History of Georgia

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The state and cultural power of Kartli (Iberia) in the Classical period was one of the major factors in the process of the becoming of the Georgian people. It was at that time that a fairly stable East-Georgian (Kart) nationality took shape, which subsequently played the role of a link in the creation of the Georgian nation. This process was completed somewhat later - during the spread of the influence of the Christian Church throughout Georgia and the emergence of a single Georgian feudal state. In the 330s Christianity was proclaimed the state religion of Georgia. This marked the beginning of vigorous development of arts and letters. Members of the high society of Kartli (Iberia) and Egrisi were well acquainted with the literature and philosophy of the East and the West. Among them were eminent scholars-philosophers: Peter the Iberian and Joané the Laz (5th cent.). Centers of culture and enlightenment also existed in Georgia, some being of international significance. In the 4th century a school of rhetoric and philosophy functioned not far from the town of Phasis (modern Poti). Along with representatives of the local nobility students from abroad were also taught at the school. It was the alma mater of the famous Greek philosopher and rhetorician Themistius who says that his father Eugenius had also learned wisdom at that school.
Christianity destroyed Old Georgian literature and began to create a literature of its own, mostly translated. The oldest books translated then were the Gospels and the Old Testament, done from Greek and Syriac originals. Soon original works, mostly hagiographies, appeared. The Old Georgian "Passion of Shushanik" was written in the 5th century. Another such work by an anonymous author, "The Martyrdom of Evstatk Mtskheteli", came down to us from the 6th century.
Monuments of church architecture, as well as ruins of some secular buildings (e.g. the fortress of Ujarma) have survived to this day. The basilica-type churches of Bolnisi and Urbnisi, dating from the 5th century and the unique cruciform domed Jvari church of the end of the 6th-beginning of the 7th century near Mtskheta, at the confluence of the Aragvi and Mtkvari (Kura), are most significant monuments of architecture. These monuments, dating from the 5th-6th cent., attest to the high level of building art in Georgia.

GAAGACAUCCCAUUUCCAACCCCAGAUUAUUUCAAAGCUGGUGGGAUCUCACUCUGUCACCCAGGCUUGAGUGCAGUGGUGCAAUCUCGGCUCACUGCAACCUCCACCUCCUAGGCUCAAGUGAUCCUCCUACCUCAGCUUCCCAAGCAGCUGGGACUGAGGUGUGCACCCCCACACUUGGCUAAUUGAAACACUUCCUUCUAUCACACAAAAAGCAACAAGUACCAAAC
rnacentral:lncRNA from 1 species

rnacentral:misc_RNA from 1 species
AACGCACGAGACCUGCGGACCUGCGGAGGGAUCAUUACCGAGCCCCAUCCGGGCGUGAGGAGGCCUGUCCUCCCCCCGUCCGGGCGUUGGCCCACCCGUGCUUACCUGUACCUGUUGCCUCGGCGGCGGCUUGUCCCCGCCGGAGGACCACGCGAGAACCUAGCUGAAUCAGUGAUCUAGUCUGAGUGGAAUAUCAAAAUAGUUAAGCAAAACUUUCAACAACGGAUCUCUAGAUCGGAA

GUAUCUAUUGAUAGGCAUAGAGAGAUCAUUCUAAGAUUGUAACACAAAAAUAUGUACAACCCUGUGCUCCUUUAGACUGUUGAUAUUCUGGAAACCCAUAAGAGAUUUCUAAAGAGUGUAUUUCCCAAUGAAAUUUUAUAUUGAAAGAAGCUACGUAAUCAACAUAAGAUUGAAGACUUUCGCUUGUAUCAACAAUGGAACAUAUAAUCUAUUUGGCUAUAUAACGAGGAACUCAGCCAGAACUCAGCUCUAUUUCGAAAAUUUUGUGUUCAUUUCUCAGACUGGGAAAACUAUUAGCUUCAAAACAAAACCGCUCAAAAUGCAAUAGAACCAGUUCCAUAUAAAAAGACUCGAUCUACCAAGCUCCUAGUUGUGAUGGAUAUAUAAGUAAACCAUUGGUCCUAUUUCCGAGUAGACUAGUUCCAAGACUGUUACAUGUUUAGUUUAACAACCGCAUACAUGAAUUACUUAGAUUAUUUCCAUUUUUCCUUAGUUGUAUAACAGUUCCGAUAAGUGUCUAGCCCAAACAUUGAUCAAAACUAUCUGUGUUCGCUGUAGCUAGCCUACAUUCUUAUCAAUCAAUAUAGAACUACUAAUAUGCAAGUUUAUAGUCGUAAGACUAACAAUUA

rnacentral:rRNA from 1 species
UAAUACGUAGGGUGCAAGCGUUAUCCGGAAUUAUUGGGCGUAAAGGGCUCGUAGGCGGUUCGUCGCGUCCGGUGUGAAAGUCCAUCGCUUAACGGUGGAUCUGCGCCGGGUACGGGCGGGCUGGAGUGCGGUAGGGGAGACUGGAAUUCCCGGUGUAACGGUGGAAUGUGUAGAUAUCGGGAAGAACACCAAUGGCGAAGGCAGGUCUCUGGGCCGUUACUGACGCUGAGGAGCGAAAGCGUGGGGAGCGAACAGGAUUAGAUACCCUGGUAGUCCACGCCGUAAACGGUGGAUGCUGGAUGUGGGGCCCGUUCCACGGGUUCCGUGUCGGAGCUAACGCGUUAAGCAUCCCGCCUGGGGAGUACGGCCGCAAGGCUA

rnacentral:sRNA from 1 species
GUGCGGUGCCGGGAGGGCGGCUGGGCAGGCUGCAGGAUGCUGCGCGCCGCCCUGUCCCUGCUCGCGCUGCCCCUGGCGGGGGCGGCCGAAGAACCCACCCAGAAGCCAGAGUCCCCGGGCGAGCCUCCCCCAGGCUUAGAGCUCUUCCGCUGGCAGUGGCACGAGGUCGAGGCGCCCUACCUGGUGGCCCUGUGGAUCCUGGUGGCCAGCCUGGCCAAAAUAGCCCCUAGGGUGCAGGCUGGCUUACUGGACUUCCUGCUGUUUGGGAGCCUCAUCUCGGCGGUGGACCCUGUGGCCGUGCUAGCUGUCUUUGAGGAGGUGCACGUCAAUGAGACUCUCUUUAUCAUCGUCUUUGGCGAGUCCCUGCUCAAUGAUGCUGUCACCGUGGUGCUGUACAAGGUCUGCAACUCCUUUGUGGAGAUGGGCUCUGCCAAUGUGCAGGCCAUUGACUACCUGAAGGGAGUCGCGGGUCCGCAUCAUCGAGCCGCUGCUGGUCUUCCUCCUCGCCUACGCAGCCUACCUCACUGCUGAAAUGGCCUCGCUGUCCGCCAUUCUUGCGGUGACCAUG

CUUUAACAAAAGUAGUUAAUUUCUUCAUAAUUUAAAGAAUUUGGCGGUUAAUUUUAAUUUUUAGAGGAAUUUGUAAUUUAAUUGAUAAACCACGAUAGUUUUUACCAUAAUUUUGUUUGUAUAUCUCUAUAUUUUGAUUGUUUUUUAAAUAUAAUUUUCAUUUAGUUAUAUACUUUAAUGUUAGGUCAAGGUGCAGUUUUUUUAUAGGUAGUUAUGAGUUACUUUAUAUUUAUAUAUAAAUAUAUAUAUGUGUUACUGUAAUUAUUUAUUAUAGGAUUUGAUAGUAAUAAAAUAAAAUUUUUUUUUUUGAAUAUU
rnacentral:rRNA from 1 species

In the 4th-6th centuries the Georgian people fought against Persian and Byzantine conquerors to preserve independence.
Egrisi was repelling the Byzantines and Kartli (Iberia) the Persians. In mid-5th century Vakhtang I Gorgasal became king of Kartli (Iberia), heading the struggle against the Persians. He paved the way for transferring the capital of Georgia from Mtskheta to Tbilisi. The territory of Tbilisi had been inhabited from Neolithic times, i.e. 4 to 5 thousand years ago. By the middle of the 5th century the population of Tbilisi had grown considerably. The transfer of the capital from Mtskheta to Tbilisi was accomplished by King Dachi, Vakhtang I's son and successor.
The struggle against the Persians was waged by the population of the entire Transcaucasia. Vakhtang Gorgasal practically created an anti-Iranian coalition comprising, besides the Georgians, the Armenians and Albanians. However, this struggle was unsuccessful: the King of Kartli (Iberia) fell in battle early in the 6th century. After his death the Iranians began to act with added fierceness and zeal. In 523, having subdued Kartli (Iberia), they moved into Western Georgia. Their intention to seize Egrisi became the casus belli between Persia and Byzantium. This war lasted 20 years, mostly on the territory of Egrisi, laying it waste.
The valorous and selfless struggle of the Georgian people, the flexible policy and diplomacy, resorted to by the rulers of Georgia, saved the country from catastrophe. Byzantine historians (Agathias, Menander and others) extolled the courage and industry of the Georgians.
In 572 the Kartli (Iberia) and rose in arms and expelled the Persians. Local administrative-state government or Saerismtavro was instituted in Kartli (Iberia). This early feudal state actually served as the basis for the creation of the future united Georgian monarchy.
In the 7th-8th cent. important socio-political changes took place in Georgia. The principalities (samtavros) of Kakheti, Hereti and Tao-Klarjeti, as well as the western Georgian state - the Kingdom of Abkhazia - took shape in this period.
This period is significant also for the obtaining external political situation. The invasions of the Arabs in mid-7th century and their sway undermined considerably the economic development of the country, Kartli (Iberia) suffering the hardest. The struggle against the Arabs assumed a popular character, involving Georgia's neighbors as well - the Armenians and Albanians. From the middle of the 8th century the Arab sway became unbearable, leading to an intensification of popular activity. The forces fighting against the Arabs united their efforts under the banner of Christianity. The selfless struggle waged by the Georgians ultimately resulted in a gradual shrinking of the Sphere of Arab influence, which had extended to Tbilisi for a relatively long time.